So, the Government (caving-in to corporate pressure) introduces a “new solar scheme” with a cut-off date stating – any systems installed on or after this date will have to be wired directly to the grid. In other words, the power generated by their solar system will go directly to the power provider instead of through their premises first. The resident or business who installs such a system will then be eligible to buy electricity from their provider at a reduced rate below market costs. Essentially, they will get discounted electricity rates for installing a solar system.   

A good analogy given to me was, it’s like a person who grows their own tomatoes but isn’t allowed to eat them. Instead, they must first give them to the supermarket and then later go and buy them back from the supermarket at a reduced rate. Others who don’t grow tomatoes are required to pay full price at the supermarket to buy them.

Sure, this could all be alarmist rumours (and I really hope it is) but historically when things are too good for the consumer, governments or corporations have found ways to make them pay again and whilst people may call it scaremongering I called it calculating all possibilities and not be the one left holding the ball.

Timing for solar was right

Therefore, it’s for that reason and several others which convinced me to get a solar PV system a few days ago (6th Dec 2012). I felt the timing was right with electricity price rises showing no signs of slowing and governments lacking the will to actually do anything about it – they’ve had long enough to sort out rising energy costs and they’ve talked lots with no action; also the price for solar seems better value now (especially from when I first started investigating solar prices), and on a finance plan the payments and interest are actually offset against savings gained by the solar system so it’s a win-win really.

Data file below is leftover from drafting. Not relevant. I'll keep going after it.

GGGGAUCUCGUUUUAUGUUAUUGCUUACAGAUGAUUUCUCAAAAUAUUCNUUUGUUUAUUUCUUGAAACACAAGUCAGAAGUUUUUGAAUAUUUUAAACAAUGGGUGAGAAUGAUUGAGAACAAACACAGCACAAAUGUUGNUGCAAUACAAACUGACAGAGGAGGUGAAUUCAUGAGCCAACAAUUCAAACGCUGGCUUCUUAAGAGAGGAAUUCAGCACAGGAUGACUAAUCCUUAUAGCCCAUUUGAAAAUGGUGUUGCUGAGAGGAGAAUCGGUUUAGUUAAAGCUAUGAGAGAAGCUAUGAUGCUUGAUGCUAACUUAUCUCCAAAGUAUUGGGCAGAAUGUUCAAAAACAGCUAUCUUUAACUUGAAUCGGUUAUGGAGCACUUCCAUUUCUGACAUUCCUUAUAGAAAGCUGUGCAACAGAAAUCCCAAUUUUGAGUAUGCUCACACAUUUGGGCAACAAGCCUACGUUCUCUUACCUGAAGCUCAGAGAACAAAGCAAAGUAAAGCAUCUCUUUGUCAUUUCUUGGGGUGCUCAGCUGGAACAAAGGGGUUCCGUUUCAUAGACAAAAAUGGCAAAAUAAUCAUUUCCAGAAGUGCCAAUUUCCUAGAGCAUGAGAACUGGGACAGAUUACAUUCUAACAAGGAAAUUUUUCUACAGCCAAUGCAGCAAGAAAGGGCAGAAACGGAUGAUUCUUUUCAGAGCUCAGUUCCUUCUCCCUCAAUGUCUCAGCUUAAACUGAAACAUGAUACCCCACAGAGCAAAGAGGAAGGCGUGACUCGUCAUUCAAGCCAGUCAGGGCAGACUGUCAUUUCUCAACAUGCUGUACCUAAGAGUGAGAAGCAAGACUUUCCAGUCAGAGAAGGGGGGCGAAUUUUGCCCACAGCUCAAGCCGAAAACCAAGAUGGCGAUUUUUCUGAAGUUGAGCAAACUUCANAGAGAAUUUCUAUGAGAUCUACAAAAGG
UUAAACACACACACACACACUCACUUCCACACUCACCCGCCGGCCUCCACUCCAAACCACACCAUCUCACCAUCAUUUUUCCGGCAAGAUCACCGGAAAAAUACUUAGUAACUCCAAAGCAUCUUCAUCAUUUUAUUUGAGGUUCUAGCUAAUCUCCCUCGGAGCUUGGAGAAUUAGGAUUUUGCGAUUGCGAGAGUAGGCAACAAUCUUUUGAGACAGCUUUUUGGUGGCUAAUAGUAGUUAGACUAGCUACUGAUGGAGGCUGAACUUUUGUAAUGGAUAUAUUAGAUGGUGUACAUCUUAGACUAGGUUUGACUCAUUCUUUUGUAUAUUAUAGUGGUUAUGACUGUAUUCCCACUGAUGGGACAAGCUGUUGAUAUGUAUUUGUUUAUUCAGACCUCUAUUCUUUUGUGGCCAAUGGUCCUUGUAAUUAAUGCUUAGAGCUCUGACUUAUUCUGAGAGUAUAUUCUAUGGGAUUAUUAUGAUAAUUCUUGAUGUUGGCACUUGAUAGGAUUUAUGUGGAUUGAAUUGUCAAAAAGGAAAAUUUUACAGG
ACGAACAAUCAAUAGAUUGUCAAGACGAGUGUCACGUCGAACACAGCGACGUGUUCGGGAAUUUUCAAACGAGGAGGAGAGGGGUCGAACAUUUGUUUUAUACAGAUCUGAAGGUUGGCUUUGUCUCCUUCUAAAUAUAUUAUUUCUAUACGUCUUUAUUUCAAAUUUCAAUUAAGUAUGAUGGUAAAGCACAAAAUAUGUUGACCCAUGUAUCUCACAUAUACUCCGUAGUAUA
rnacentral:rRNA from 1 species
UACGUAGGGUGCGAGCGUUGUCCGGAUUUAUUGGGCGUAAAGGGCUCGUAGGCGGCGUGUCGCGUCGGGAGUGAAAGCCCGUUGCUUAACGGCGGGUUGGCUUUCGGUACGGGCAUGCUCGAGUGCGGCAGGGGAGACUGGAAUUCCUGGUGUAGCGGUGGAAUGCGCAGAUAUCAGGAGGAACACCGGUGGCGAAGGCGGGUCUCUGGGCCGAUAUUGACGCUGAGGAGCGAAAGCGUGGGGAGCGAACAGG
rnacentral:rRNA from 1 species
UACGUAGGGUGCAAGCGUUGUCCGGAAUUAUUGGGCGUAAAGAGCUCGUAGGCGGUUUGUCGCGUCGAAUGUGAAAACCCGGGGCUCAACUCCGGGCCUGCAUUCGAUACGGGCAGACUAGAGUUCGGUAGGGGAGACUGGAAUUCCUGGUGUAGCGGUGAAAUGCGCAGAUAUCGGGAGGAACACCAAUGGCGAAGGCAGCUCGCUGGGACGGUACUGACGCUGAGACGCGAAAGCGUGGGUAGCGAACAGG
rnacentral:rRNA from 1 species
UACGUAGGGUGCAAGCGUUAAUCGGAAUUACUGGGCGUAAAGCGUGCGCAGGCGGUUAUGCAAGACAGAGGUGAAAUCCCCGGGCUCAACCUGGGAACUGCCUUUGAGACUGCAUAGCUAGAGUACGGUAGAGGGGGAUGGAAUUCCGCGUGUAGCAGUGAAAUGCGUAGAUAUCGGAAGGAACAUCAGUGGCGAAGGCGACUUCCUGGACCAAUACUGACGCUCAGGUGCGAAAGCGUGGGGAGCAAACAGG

Environmentally, I’ve always been keen to become a producer of clean energy; unfortunately, the cost of solar has been too prohibitive for me and many others in the past even with fair feedback tariffs and government rebates.  It’s only now that the window of opportunity arose where competition in the solar industry, and lower manufacturing costs, combined with government incentives gave me the chance to install my system at a fair price.

Feed in tariff

Luckily for me, we purchased our solar system before the Government/s reduced incentives further and we received a good feed in tariff rate with a $1000 (one-off) rebate. The feed in tariff means extra electricity generated by our solar panels goes back into the grid at a feed in tariff of 44 cents per kWh. In other words, my electricity provider pays me for extra electricity I generate. The feed in tariff rate has since changed for where I live (in Queensland, Australia) and is now just 8 cents per kWh, which is a substantial drop and the $1000 rebate has also been scrapped.feed in tariff solar PV system power lines grid